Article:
- The Sound Sleeper
Get more sleep to help improve your mental health
There’s a direct link between poor sleep and mental health issues, with studies showing you can improve one by improving the other.
When sleep problems come first
Sleep disorders such as insomnia, narcolepsy, and apnea, can lead to the development of serious mental health issues. These include mood swings, grumpiness, irregular emotional reactivity, depressed mood and depression. Just one night of poor sleep affects the brain’s ability to properly control emotions and negative thoughts. However, chronic sleep deprivation leads to exhaustion and can increase your risk for developing deadly chronic health conditions.
When mental health problems come first
The dynamic relationship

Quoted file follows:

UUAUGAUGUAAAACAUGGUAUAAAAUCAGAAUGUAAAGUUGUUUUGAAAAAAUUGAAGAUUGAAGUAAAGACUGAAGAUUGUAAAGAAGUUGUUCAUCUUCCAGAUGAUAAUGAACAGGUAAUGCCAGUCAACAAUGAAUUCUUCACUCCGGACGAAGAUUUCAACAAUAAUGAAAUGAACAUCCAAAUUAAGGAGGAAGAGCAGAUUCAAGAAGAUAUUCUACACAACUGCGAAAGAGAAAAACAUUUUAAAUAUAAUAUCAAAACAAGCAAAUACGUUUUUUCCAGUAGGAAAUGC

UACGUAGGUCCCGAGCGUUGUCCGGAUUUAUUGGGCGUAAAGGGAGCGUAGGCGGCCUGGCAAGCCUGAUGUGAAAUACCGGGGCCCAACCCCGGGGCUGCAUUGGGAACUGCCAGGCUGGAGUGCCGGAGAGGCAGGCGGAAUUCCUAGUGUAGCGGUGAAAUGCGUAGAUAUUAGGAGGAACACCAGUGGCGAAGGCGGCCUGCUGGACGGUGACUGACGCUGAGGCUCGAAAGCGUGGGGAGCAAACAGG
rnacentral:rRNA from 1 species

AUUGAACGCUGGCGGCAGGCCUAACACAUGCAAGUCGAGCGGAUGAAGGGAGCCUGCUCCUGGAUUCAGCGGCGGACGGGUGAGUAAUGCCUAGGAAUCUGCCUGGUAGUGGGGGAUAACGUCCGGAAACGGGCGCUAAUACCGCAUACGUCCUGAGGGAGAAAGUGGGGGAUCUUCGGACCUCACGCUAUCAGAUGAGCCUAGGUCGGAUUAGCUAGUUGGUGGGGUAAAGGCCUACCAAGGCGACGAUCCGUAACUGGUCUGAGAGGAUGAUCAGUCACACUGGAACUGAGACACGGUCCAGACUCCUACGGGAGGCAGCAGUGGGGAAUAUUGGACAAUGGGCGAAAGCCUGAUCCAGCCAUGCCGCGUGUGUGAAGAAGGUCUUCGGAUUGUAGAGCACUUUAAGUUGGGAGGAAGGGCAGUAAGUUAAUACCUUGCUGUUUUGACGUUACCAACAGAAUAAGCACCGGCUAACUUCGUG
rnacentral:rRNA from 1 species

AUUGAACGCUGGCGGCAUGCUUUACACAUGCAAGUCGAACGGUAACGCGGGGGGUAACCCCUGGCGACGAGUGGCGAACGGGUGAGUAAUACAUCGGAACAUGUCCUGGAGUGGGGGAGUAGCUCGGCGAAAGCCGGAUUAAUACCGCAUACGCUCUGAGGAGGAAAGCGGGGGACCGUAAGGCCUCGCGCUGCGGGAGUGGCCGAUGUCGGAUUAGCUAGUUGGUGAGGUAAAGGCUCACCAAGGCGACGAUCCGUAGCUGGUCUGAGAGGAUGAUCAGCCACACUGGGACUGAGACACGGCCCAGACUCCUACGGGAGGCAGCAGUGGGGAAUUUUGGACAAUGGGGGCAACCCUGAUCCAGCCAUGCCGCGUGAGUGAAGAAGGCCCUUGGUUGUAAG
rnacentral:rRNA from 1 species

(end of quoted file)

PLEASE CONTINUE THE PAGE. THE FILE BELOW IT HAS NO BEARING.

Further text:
Poor sleep and mental health issues frequently come hand-in-hand. Recent studies report fewer than 20% of mental health patients don’t suffer from sleep problems. On the bright side, studies also show that improving one can help improve the other. To avoid the development or worsening of these issues, it’s important to speak with a physician about potential sleep issues.
Do you struggle to fall asleep? Try these:
- Avoid heavy meals, alcohol, and caffeine 3-4 hours before bed. This helps reduce your chances of tossing and turning over indigestion, upset stomach, heart burn, and stomach cramps.
- Practice deep breathing techniques in bed or 30 minutes prior. this helps slow a racing mind and reduce anxiety. In fact, to fully reap the benefits of mindfulness we recommend you practice 5-10 minutes of deep breathing every day.
- If you find your self awake after 20 minutes, get out of bed and do a simple task. Try folding laundry or light stretching for a few minutes before trying again.
Mental Health and Sleep Webinar
Explore the impact sleep has on your mental health with Shannon Cyr, Vice President of Care Operations.
Shannon has over 25 years of experience in the fields of counseling and social work.
5000 Research Court
Suwanee, GA 30024